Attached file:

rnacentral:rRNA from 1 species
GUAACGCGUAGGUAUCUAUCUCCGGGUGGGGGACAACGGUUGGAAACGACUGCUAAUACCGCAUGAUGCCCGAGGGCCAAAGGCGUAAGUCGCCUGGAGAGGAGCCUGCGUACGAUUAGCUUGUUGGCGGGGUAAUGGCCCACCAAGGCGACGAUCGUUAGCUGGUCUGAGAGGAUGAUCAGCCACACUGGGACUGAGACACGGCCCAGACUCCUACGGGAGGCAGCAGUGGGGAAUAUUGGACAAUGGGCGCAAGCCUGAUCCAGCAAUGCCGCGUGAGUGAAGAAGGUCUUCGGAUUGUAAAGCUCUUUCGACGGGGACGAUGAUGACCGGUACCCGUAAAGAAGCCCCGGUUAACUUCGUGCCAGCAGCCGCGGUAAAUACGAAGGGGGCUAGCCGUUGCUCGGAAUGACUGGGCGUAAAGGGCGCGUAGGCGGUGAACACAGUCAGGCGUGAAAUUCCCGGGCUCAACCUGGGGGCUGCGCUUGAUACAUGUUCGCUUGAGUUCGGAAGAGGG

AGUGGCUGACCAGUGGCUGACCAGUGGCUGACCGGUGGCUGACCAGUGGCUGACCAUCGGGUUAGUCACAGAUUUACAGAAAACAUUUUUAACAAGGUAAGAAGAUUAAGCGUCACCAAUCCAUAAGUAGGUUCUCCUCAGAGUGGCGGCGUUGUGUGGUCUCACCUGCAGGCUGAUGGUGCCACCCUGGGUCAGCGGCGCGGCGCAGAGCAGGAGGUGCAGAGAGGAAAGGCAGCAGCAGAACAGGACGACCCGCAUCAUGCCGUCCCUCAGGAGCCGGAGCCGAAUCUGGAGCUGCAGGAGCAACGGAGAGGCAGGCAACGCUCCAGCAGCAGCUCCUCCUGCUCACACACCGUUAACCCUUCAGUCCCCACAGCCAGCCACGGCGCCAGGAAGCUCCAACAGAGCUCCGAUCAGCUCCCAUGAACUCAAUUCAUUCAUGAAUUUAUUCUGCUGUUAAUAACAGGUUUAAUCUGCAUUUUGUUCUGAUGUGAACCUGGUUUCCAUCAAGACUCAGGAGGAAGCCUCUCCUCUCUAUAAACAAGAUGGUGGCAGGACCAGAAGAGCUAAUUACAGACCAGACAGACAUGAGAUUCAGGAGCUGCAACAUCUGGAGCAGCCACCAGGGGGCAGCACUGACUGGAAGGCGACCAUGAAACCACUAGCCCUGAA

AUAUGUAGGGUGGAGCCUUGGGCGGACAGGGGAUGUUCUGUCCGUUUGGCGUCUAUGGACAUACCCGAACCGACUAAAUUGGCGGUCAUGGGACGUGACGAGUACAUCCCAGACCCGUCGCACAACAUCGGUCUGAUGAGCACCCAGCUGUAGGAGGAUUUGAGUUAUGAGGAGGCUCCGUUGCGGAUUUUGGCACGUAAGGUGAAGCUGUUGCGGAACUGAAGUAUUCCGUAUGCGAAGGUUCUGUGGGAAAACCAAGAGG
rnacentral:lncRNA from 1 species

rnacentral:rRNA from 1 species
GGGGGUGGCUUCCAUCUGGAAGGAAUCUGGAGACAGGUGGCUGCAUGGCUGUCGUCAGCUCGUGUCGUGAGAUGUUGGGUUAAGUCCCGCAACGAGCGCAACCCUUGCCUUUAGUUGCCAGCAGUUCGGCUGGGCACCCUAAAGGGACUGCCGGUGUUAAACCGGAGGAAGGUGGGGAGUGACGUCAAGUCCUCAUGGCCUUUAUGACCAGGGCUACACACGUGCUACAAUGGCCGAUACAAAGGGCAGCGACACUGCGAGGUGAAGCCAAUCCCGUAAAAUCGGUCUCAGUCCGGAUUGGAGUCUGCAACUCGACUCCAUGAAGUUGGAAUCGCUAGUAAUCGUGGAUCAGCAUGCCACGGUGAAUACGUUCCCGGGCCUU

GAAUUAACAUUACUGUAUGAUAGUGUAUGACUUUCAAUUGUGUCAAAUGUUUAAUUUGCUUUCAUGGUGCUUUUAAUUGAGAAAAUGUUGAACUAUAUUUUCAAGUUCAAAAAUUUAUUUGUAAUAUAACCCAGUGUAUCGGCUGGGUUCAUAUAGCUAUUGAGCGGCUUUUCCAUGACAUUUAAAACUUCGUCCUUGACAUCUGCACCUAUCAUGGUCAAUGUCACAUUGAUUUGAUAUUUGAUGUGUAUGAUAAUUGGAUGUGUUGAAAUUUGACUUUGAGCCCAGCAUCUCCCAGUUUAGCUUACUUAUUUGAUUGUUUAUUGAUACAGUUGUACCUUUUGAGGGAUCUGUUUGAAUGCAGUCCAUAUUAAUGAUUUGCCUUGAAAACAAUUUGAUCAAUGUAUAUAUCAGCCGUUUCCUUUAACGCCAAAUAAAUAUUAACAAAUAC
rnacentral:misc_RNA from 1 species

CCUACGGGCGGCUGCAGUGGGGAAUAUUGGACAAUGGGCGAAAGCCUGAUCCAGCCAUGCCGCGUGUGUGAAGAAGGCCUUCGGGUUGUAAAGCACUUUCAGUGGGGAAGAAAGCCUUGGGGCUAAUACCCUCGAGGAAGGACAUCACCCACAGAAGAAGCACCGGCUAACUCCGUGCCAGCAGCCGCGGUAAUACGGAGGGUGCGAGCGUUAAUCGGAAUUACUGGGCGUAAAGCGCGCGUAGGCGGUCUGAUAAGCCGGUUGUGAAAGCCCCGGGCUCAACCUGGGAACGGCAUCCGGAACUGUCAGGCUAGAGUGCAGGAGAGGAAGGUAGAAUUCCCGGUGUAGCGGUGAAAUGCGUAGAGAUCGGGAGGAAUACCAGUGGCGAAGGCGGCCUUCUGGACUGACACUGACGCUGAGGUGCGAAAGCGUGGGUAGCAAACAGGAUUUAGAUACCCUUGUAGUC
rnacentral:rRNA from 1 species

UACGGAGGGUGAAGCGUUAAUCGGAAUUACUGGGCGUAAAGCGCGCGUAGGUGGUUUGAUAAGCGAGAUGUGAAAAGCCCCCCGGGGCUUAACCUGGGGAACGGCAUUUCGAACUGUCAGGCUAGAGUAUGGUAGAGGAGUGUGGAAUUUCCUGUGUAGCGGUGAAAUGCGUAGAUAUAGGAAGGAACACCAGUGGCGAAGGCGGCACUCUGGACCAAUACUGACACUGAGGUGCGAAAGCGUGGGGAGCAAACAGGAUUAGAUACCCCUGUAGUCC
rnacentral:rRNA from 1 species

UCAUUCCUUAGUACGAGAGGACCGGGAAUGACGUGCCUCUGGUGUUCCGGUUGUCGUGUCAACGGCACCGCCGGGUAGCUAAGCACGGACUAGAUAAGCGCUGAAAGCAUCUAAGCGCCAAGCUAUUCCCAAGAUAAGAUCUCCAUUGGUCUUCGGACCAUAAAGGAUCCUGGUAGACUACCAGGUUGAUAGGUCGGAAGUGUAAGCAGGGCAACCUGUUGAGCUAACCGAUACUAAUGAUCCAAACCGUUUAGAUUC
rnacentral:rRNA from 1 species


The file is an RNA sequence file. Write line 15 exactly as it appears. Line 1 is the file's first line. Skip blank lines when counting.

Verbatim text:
rnacentral:rRNA from 1 species